Some multinational companies lose out in data center decision

IDA told the government that some multinational companies suffered a “significant financial loss” due to the decision of the authority operating the national network to stop connections to the new data centres.

In July 2020, EirGrid halted facilities from being linked to Ireland’s electrical system toward the power regulator amid concerns about excessive energy demand.

In February of this year, a senior IDA official told the projects ministry that the policy adopted by the network operator “caused difficulties” for some data center investors.

The IDA representative said: “These investors made significant upfront investments (eg, in consultation, site acquisition, planning permission, etc.) .”

“They will be at a huge financial loss,” the official added.

The memorandum to RTÉ was issued by IDA under freedom of information.

A separate record shows that in March of this year, EirGrid told government officials at a meeting about data centers that it “could not accommodate” all of the network connection requests it was receiving.

Another record shows that the Ministry of Projects toned down a warning about requiring electricity customers to absorb the costs of investing in the national grid in an advisory document submitted to the energy regulator.

In a draft letter, the department said protecting customers from cost is “particularly important in the context of the current unprecedented price hikes we have seen this winter”.

“Increases in electricity bills through grid costs, as well as any perception of potential price volatility, are likely to undermine business confidence, tighten margins and discourage investment as companies factor in rising costs and cost uncertainty,” the note said.

The memo said that “any changes in the grid tariff structure, it is necessary to minimize the costs of the electricity grid, so that it reflects and stimulates the efficient use of the grid, and that Ireland, at least, does not lose its relative competitiveness in the European Union.”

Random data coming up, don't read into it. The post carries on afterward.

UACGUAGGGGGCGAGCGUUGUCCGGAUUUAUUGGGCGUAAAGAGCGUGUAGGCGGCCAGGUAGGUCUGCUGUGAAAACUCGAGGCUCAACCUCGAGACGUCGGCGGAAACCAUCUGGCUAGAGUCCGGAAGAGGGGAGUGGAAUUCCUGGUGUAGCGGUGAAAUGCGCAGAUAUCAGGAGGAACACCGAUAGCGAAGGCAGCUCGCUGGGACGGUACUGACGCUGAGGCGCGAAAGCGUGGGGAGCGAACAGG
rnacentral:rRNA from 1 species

“Indeed, it should be a clear and basic objective to improve relative competitiveness,” she added.

Read more: The emergence and emergence of data centers in Ireland

However, in the final version of the document, management said that network costs would be borne by customers and it was necessary to allow these costs to be distributed equitably between new and existing customers.

This morning, the Commission for Utilities Regulatory (CRU), which regulates the energy market, will appear before the Oireachtas Commission on Environment and Climate Action.

In its opening letter, CRU will outline the actions it is taking to help local energy customers struggling to pay the bills.

The regulator will also explain how it will operate through its supplier of last resort process for Panda Energy customers, which is leaving the market.

He will present figures for politicians showing that the level of arrears and disconnection among consumers has remained broadly stable so far this year despite significant price increases.

In the letter, the CRU will also say it is concerned about a gap in maritime safety regulations as Ireland prepares for a significant increase in investment in offshore wind turbines.

The regulator will warn that given the amount of wind energy and battery storage projects in the pipeline, more resources must be provided to An Bord Pleanála and local authorities.